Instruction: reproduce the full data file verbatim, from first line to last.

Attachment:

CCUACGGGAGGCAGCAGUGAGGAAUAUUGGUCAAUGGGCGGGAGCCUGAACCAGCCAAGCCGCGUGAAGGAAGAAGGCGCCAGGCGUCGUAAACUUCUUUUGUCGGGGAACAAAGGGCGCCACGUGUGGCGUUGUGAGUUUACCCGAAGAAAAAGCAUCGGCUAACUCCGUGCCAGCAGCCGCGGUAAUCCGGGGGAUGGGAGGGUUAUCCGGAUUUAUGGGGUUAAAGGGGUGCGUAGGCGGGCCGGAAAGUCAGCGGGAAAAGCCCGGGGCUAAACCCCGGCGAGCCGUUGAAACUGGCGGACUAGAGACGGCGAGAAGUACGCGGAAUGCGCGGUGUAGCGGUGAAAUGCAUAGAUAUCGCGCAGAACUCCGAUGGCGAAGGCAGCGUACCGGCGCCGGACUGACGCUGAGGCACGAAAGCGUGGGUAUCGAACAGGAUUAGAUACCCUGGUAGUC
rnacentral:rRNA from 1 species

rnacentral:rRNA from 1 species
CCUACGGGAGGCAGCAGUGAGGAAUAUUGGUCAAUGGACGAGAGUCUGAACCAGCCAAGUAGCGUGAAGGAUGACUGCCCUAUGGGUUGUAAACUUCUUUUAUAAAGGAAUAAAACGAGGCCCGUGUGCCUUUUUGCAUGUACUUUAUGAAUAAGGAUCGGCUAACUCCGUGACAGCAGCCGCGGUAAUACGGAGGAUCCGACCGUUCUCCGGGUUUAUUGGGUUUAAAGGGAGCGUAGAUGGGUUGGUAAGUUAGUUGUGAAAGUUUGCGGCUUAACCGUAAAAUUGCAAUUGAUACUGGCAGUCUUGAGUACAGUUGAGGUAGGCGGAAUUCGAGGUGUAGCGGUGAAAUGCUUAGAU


CCUACGGGAGGCAGCAGUGAGGAAUAUUGGUCAAUGGGCGGGAGCCUGAACCAGCCAAGCCGCGUGAAGGAAGAAGGCGCCAGGCGUCGUAAACUUCUUUUGUCGGGGAACAAAGGGCGCCACGUGUGGCGUUGUGAGUUUACCCGAAGAAAAAGCAUCGGCUAACUCCGUGCCAGCAGCCGCGGUAAUCCGGGGGAUGGGAGGGUUAUCCGGAUUUAUGGGGUUAAAGGGGUGCGUAGGCGGGCCGGAAAGUCAGCGGGAAAAGCCCGGGGCUAAACCCCGGCGAGCCGUUGAAACUGGCGGACUAGAGACGGCGAGAAGUACGCGGAAUGCGCGGUGUAGCGGUGAAAUGCAUAGAUAUCGCGCAGAACUCCGAUGGCGAAGGCAGCGUACCGGCGCCGGACUGACGCUGAGGCACGAAAGCGUGGGUAUCGAACAGGAUUAGAUACCCUGGUAGUC
rnacentral:rRNA from 1 species

rnacentral:rRNA from 1 species
CCUACGGGAGGCAGCAGUGAGGAAUAUUGGUCAAUGGACGAGAGUCUGAACCAGCCAAGUAGCGUGAAGGAUGACUGCCCUAUGGGUUGUAAACUUCUUUUAUAAAGGAAUAAAACGAGGCCCGUGUGCCUUUUUGCAUGUACUUUAUGAAUAAGGAUCGGCUAACUCCGUGACAGCAGCCGCGGUAAUACGGAGGAUCCGACCGUUCUCCGGGUUUAUUGGGUUUAAAGGGAGCGUAGAUGGGUUGGUAAGUUAGUUGUGAAAGUUUGCGGCUUAACCGUAAAAUUGCAAUUGAUACUGGCAGUCUUGAGUACAGUUGAGGUAGGCGGAAUUCGAGGUGUAGCGGUGAAAUGCUUAGAU